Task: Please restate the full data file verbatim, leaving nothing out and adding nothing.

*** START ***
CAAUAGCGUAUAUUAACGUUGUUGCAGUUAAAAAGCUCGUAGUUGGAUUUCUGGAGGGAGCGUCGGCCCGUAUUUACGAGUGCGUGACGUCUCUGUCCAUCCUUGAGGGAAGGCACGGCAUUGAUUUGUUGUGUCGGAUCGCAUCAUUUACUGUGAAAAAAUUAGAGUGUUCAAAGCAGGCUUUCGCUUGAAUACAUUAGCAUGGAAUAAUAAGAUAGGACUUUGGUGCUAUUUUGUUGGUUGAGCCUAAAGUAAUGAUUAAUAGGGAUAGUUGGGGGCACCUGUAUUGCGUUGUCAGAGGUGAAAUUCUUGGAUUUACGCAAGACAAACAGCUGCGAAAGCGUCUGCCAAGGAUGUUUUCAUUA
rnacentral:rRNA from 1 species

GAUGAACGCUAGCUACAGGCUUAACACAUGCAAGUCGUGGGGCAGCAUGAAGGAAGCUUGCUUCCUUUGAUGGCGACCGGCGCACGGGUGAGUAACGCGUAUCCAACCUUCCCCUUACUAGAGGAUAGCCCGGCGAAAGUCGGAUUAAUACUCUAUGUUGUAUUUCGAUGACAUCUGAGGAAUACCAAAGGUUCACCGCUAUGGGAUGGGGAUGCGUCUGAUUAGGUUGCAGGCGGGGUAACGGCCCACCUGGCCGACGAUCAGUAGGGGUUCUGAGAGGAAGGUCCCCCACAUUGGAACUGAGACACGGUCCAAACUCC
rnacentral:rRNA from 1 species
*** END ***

CAAUAGCGUAUAUUAACGUUGUUGCAGUUAAAAAGCUCGUAGUUGGAUUUCUGGAGGGAGCGUCGGCCCGUAUUUACGAGUGCGUGACGUCUCUGUCCAUCCUUGAGGGAAGGCACGGCAUUGAUUUGUUGUGUCGGAUCGCAUCAUUUACUGUGAAAAAAUUAGAGUGUUCAAAGCAGGCUUUCGCUUGAAUACAUUAGCAUGGAAUAAUAAGAUAGGACUUUGGUGCUAUUUUGUUGGUUGAGCCUAAAGUAAUGAUUAAUAGGGAUAGUUGGGGGCACCUGUAUUGCGUUGUCAGAGGUGAAAUUCUUGGAUUUACGCAAGACAAACAGCUGCGAAAGCGUCUGCCAAGGAUGUUUUCAUUA
rnacentral:rRNA from 1 species

GAUGAACGCUAGCUACAGGCUUAACACAUGCAAGUCGUGGGGCAGCAUGAAGGAAGCUUGCUUCCUUUGAUGGCGACCGGCGCACGGGUGAGUAACGCGUAUCCAACCUUCCCCUUACUAGAGGAUAGCCCGGCGAAAGUCGGAUUAAUACUCUAUGUUGUAUUUCGAUGACAUCUGAGGAAUACCAAAGGUUCACCGCUAUGGGAUGGGGAUGCGUCUGAUUAGGUUGCAGGCGGGGUAACGGCCCACCUGGCCGACGAUCAGUAGGGGUUCUGAGAGGAAGGUCCCCCACAUUGGAACUGAGACACGGUCCAAACUCC
rnacentral:rRNA from 1 species